Most have long considered Transparency International’s Corruption Perceptions Index (or CPI) a bell-weather for moods and attitudes about the country itself, rather than specific policies, laws, administrative decisions and law enforcement actions undertaken in any particular place. The index uses unscientific surveys and probably reflects national income more than anything else. Yet, like the World Bank’s Doing Business survey, boiling down countries’ policies, and performance on those policies, to just one number, offers a yardstick and product too irresistible to pass up. The results represent the ultimate simulacrum of reality – both reflecting corruption levels and actually making them.

How can TI actually contribute to corruption in the Middle East? Everyone knows that, in the words of Transparency International analyst Kinda Hattar, “in order for Arab countries to improve, they must ensure effective transparent systems that allow for accountability are in place.” Governments from Rabat to Tehran must, “put an end to political corruption in all its forms… protect freedom of expression and stop persecuting anti-corruption activists, whistleblowers, and civil society organisations.” Everyone supposedly knows they don’t ensure transparency and accountability. They don’t end political corruption or protect freedom of expression. They don’t stop persecuting anti-corruption activists. We expect it. So they can…even though they shouldn’t.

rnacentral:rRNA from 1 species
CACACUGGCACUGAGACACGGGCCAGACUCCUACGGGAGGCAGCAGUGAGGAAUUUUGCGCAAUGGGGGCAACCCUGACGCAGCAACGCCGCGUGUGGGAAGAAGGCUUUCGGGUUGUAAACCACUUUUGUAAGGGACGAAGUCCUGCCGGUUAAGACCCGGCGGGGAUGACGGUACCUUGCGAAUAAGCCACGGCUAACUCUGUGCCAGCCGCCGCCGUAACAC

Qatar provides a simple example from the region, showing how these abstract generalisations and platitudes reflect the usual colour revolution/Arab Springers’ disappointment with political reform, rather than a cold calculus of (anti)-corruption.

Perceptions about corruption in Qatar in 2017, as the jurisdiction holding a FIFA event, have been overly tied to a contract/event sponsored by the International Federation of Association Football (FIFA). Corruption in the FIFA is well-known and has been reported about at length. Perceptions obviously wrongly conflate corruption in football and Qatar’s political and administrative institutions. Okay, Qatari officials did engage in bribery. But the FIFA resides in Switzerland. Why didn’t Switzerland’s ranking suffer similarly? Most professional/academic rankings of corruption would “control for” these kinds of one-off events. Yet, the TI CPI does not use – and has never used — any statistical methods of removing such noise.

Noise affects such measurements far less than their excessive volatility. Volatility refers to the natural tendency for any ranking to wag wildly from one period to the next. Middle Eastern countries’ CPI rankings depend on what happens in other countries. In Qatar’s case, modest improvements in very corrupt places could – in certain circumstances- cause their rank to rise quickly. However, in situations like this, improvements in these corrupt jurisdictions do not mean Qatar got worse. Qatar ranks very well in the Index — making its fall far more likely a statistical artifice. Far from being a region in decline (as Transparency International’s analysis suggests under the title “Middle East and North Africa: A very drastic decline”), the dynamics of improvement can make some places like Qatar look worse. Of course, we don’t see TI scores wildly swinging around. But, given my own experience with other types of indices, human intervention and excess aggregation tend to dampen down these changes in most places – making a few observations very subject to larger jumps.